Archive for September, 2013

I admit it.  I think of myself as normal.  I think that’s pretty normal, isn’t it?  But I am constantly proved wrong, of course, because no one is normal.

I mean, there are *some* things I do that I know aren’t normal, like spinning my own yarn.  But then there are normal things I know I don’t do, like knitting.  And then there’s my friend who is herself about as far from normal as she can be, who loves to tell me how not-normal I am in the best possible way, and yet that’s partly because we’re alike in many ways (who needs a fork, we can eat the eggs and ground beef straight out of the skillet!)

Still, there are times when my perception of what normal should be runs head-long into reality.

Like, it’s really bizarre to me that someone wouldn’t know where to go to buy cardamom.  I like to have not just a well-stocked spice cupboard, but I actually *use* the spices in my spice cupboard.  Regularly.  Not just daily, but meal-y!  Which I know makes me not normal, but only not normal compared to people who think spice means salt, which I hardly ever use, but makes me really normal compared to people who use herbs and spices in abundance.

It’s also really weird to run into people who think letting your pets lick your dishes before you wash them is gross.  Seriously, I’m still going to WASH them.  It’s not like you’re eating your next meal off cat-lick.  I promise, the hot water and soap that can kill raw meat germs will clean kitty spit.  And by the way, get that hand sanitizer away from me, gross.

Or finding out that for some people, 10 minutes is a really long drive and can’t I find any place closer to eat, because my brain immediately says “What on earth could be closer than 10 minutes away? How do you get anywhere!?”  Because for me, a trip to town is 45 minutes, one way.  Whereas they can walk three minutes and get almost everything they need.

And I still remember the time I went to buy a good dress shirt and the lady told me it was wrinkle-resistant fabric, or something like that; that you pull it out of the dryer and hang it up, no ironing needed. And I said, oh, well I use a clothes line.  And I got *that* look.  That look that the 20-something year old sales attendant gave which can only be described as somewhere between disbelief and condescension, as if who uses clothes lines THESE days, it’s 2010! (or was at the time.)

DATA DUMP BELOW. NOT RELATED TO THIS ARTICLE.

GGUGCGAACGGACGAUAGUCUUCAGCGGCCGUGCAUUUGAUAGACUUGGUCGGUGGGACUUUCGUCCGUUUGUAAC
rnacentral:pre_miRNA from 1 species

Or maybe I’m just being really unfair to the 20-something year old sales attendant who had likely never conceived that anyone who would be buying business casual dress shirts would consider putting them on a clothes line, because that isn’t exactly normal.

And for as much as I recognize (and am sometimes flat-out told) how not normal I am, my brain just insists on assuming that I am normal.  Because I am the only way I know how to be.  Being something else isn’t wrong, but it’s not something that generally comes to mind when I run into scenarios like the above.

Then there are other times when I experience a strange feeling of culture shock without ever leaving home.  Like realizing my friend in New York has no idea why I think having a good snow fall in the mountains in winter is good, because it helps prevent drought in the summer.  Or having someone from California up who is boggled that we have a store dedicated solely to selling potatoes.  (In season, of course.)

And I realize everyone thinks they’re pretty normal.  Which I guess makes me normal.  Except I’m not.  Because no one is.  We’re all normal in that we’re all different, and we’re all different in so many beautiful ways, that I’m glad there isn’t any such thing as normal, cause life would be really freakin’ boring if there was.

I really like not being normal, and I wouldn’t want to be.  But sometimes I still forget and think I am.

Which means normal is only how I am compared with how I think I am.  If I do something I find not normal, it’s only not normal compared to myself, not compared to anyone else.  And when I do things that are normal, it’s only my own normal, and no one else’s normal.

I just have to remember that everyone is just as normal as I am, as everyone is pretty much the only way they know how to be.  Which means everyone is their own normal, and everyone else isn’t.

Which I guess means I am normal.

Just a different same normal as everybody else.


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